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Thirteen Reasons Why(HARDBACK EDITION) (edition 2007)

by JAY ASHER

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5,488467790 (4.02)193
HonoluluSprite's review
While reading "Thirteen Reasons Why" by Jay Asher, and following the story of the dead protagonist, I kept asking things like, “What is wrong with you?” Why does a girl, Hannah is her name, who is so young, pretty, and intelligent decide to take her own life? I was anxious to know, “Why?”

Growing increasingly annoyed, I kept saying, ”But, that’s normal!” as things happened to her. As I continued to grow angry with this young girl, I could not help but think, “You’d better come up with something better than this!” As irritating as her thoughts are from time to time, it’s up the the reader to understand and to grasp Hannah’s issues. Ultimately, for me, it was an internal isolation and loneliness — that feeling you get when you’re in a room full of people but you’re still lonely. It was not a case of, “Nobody will help me!” It was a case of, “Nobody wants to help me.” In her mind anyway.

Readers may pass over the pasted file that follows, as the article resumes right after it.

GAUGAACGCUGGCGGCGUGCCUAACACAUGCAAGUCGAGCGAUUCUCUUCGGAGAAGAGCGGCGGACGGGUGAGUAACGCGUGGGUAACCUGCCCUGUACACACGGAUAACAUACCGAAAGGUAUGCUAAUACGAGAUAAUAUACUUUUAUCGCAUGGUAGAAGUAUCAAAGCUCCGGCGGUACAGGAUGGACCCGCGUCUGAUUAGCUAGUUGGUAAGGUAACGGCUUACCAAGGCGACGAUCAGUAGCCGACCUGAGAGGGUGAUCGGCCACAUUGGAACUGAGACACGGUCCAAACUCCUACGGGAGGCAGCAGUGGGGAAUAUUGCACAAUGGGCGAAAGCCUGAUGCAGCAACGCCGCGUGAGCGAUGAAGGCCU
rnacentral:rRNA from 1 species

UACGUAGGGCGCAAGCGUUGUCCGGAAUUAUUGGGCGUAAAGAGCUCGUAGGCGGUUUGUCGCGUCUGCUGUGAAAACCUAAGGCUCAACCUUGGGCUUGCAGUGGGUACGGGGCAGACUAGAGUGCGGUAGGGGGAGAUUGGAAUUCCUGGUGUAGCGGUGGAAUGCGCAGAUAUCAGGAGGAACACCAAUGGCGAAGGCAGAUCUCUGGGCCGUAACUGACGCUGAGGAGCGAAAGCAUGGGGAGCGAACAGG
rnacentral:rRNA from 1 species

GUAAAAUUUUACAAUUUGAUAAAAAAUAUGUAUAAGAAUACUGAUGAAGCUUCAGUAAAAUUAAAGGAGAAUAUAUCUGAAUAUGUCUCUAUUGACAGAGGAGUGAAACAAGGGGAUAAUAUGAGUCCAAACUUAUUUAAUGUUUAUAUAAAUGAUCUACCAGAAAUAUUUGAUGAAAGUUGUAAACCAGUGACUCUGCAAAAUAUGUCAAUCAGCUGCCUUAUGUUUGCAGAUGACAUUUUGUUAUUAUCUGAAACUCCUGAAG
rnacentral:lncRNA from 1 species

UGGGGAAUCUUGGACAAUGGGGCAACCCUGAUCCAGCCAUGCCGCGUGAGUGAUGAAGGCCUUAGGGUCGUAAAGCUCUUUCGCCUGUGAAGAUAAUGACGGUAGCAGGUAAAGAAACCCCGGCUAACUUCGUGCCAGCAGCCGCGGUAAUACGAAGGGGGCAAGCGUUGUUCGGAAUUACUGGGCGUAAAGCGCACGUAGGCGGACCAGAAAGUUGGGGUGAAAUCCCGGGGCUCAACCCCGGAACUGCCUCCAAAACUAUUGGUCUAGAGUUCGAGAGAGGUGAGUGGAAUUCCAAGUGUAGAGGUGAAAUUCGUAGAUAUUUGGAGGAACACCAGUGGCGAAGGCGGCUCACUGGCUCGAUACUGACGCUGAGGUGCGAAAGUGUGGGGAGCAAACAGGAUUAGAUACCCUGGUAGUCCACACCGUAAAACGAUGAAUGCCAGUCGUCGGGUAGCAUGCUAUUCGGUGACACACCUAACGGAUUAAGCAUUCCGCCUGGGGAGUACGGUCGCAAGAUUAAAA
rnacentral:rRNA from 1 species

This book is well written and it is one that picks up speed as it goes. You need to find out WHY? There are two “voices” moving throughout the story as you “listen” to, not only the “voice” of the dead girl telling her story, but to the thoughts of the young man, Clay, who is unwillingly graced with a set of cassette tapes where the story unfolds for him, and for us. The reader can choose to connect to either one of those voices, or both. I ended up hearing them both.

Clay had a crush on Hannah. Hannah is dead. Clay is one of the Thirteen Reasons Why. What? Why? Exactly. The plot thickens and you have to keep reading.

Cassettes? Yep. Using props to propel a story is something every writer needs. What they use, and how they use it, is part of their craft. If you think about the feather in the movie, Forest Gump, you may remember the warm feeling that washed over you at the end of the move when that feather appeared on the screen again. I know that I will never look at a cassette tape the same way again. Clever use and a perfect choice, Jay!

Jay Asher can slap me for this but I don’t care. As I was reading I felt what he wrote and I connected with his characters (even though I’m much older). Isn’t that what being a writer is all about? I give this book a grade of “A“ for pissing me off, making me laugh, and most importantly, for making me cry. I would give the book an “A+” but I still need a good reason why, Hannah!